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They Gave Me A Seafire (Hardback)

Aviation

By Commander R.M. 'Mike' Crosley DSC* RN
Imprint: Pen & Sword Aviation
Pages: 279
ISBN: 9781473821910
Published: 6th August 2014

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A classic in every sense of the word, the re-issuing of this book is sure to provoke an enthusiastic response. First published in 1986 by Airlife, its publishing history has seen a great number of glowing reviews generated, coming from both historians and participants in the proceedings that the author so eloquently relays.

The book charts Crosley's service career in the Fleet Air Arm during the entire period of the Second World War. Part of his service saw him in action aboard HMS Eagle, flying Sea Hurricanes on the Harpoon and Pedestal Malta convoys of June and August 1942. It was during this time that he shot down his first enemy aircraft and survived the dramatic sinking of HMS Eagle. From there he graduated on to Seafires, (the Naval equivalent of the Spitfire), and flew this type in Combat Air Patrols over Norway and ramrod strikes from Operation Torch (the invasion of French North Africa in November 1942), through to D-Day in June 1944 in the European Theatre of Operations, and then in the Pacific abroad HMS Implacable as part of the British Pacific Fleet in 1945 until the end of the Pacific War, by which time he had command of his own combined squadron, 801 and 880.

The narrative is well written in a frank and often scathingly critical way of Fleet Air Arm operations during the Second World War and beyond. The book looks set to bring the endeavours of Crosley to a whole new generation of enthusiasts, and it should appeal across the board to fans of aviation, naval history and families and friends of Armed Forces, past and present.

If any naval aviator, or anyone interested, wants to read a witty, perceptive, colourful, comprehensive hostory of the twentieth century Fleet Air Arm from Inskip to the Phantom F4, from biplanes to heavyweight fast jets, then here it is.

G F Liardet

Complete with a fascinating personal postscript added by his wife, Joan with extracts from a good selection of his letters, illustrating various facets of his character.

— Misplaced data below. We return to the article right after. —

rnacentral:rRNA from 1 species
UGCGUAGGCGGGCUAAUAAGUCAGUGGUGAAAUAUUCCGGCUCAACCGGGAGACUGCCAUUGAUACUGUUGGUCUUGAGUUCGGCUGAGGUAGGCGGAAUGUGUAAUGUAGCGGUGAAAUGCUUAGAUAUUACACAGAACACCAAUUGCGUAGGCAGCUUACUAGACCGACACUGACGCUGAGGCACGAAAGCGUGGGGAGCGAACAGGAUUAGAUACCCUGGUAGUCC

The book is nicely illustrated with a very good selection of photographs. Overall it is well produced by Seaforth and strongly recommended.

Scuttlebutt Edition No51

Well-written in a readable style.

Warship World

Thoroughly recommended

Northern Mariner

'They Gave Me a Seafire' charts the service career of Commander R. Mike Crosley, who fought not only in the Second World War, but also in the Korean War, and was a test pilot for the Royal Navy for 20 years. The fascinating publication details Mike's incredible capacity for survival, and sheer skill as a pilot, which were remarked on at the time, securing him a number of decorations. The book looks set to bring the endeavours of Commander Crosley to a whole new generation of enthusiasts, and it should appeal across the board to fans of aviation, naval history and families and friends of Armed Forces, past and present.

Island Life Magazine.

As seen in the Isle of Wight County Press.

Isle of Wight County Press

Overall a very good read and a must for anyone who wants to know what it was really like to take to their air during the war.

Martime Quest

This is a very valuable account by a Fleet Air Arm pilot who served through WWII and it is also a remarkably rare account. Highly recommended.

Firetrench

If you have not already read this superb book, this is the perfect opportunity to right a wrong. If you have read it, introduce a friend or younger type who has not yet had the pleasure! It remains one of the most honest, candid and truly delightful memoirs I have read. This new edition, with the postscript, is the perfect memorial to one of the Fleet Air Arm's greats.

Aircrew Book Review
Perfect Partner

Ben Bennions DFC Battle of Britain Fighter Ace (Hardback)

'Ben' Bennions enlisted in the pre-war RAF in 1929, serving first as an 'erk' before being selected for pilot training. His first posting saw him serving in the Middle- East with 41 Squadron, returning to the UK and Catterick, where the squadron was still stationed at the declaration of war. Patrols and scrambles were common throughout the early months of the conflict, but it was in May 1940, that 41 Squadron first saw the enemy in any number, providing air cover for the retreating BEF. Bennions recorded his first combat victory on 28 July – he was to damage or destroy 20 plus enemy aircraft…

By Nick Thomas

Click here to buy both titles for £31.99
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